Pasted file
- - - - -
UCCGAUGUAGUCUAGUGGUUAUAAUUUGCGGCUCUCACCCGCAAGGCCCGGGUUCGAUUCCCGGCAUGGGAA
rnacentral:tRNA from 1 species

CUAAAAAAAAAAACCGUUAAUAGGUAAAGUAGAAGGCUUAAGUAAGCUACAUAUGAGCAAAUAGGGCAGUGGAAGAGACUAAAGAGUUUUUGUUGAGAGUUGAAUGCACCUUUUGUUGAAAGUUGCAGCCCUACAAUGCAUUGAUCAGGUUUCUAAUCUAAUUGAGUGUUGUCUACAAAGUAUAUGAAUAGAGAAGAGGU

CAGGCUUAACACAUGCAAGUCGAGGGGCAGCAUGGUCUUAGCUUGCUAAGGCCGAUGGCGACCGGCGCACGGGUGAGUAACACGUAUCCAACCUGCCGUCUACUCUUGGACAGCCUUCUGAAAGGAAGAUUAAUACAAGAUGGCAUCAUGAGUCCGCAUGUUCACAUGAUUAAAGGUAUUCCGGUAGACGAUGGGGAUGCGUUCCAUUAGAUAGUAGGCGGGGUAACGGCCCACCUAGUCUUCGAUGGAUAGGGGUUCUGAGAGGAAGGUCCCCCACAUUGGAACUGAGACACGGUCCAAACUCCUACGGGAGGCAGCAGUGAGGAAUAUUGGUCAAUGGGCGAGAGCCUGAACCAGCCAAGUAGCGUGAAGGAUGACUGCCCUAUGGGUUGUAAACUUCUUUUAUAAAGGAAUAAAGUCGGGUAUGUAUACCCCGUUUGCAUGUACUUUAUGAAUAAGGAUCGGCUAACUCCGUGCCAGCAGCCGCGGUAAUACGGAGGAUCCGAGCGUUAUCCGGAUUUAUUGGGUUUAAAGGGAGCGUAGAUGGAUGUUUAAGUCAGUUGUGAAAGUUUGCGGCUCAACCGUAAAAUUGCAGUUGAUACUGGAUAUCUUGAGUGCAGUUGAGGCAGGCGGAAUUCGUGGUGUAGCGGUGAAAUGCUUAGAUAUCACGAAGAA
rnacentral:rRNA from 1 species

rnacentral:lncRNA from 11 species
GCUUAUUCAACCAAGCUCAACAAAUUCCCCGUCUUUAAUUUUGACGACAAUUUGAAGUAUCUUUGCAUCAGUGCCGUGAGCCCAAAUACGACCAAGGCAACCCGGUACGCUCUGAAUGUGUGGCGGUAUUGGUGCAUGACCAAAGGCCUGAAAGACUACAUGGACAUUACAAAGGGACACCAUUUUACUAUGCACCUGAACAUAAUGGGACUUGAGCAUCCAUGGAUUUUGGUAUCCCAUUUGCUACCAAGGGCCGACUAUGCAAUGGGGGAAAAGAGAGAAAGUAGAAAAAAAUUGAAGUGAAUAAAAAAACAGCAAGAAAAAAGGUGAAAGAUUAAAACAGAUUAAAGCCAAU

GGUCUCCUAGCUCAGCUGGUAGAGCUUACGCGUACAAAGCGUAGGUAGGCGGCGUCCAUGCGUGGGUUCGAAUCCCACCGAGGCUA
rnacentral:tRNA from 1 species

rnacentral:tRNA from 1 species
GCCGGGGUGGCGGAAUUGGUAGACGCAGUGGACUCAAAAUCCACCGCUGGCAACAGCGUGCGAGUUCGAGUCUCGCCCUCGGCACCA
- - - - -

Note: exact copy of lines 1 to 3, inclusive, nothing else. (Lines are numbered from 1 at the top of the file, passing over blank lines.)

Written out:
UCCGAUGUAGUCUAGUGGUUAUAAUUUGCGGCUCUCACCCGCAAGGCCCGGGUUCGAUUCCCGGCAUGGGAA
rnacentral:tRNA from 1 species

CUAAAAAAAAAAACCGUUAAUAGGUAAAGUAGAAGGCUUAAGUAAGCUACAUAUGAGCAAAUAGGGCAGUGGAAGAGACUAAAGAGUUUUUGUUGAGAGUUGAAUGCACCUUUUGUUGAAAGUUGCAGCCCUACAAUGCAUUGAUCAGGUUUCUAAUCUAAUUGAGUGUUGUCUACAAAGUAUAUGAAUAGAGAAGAGGU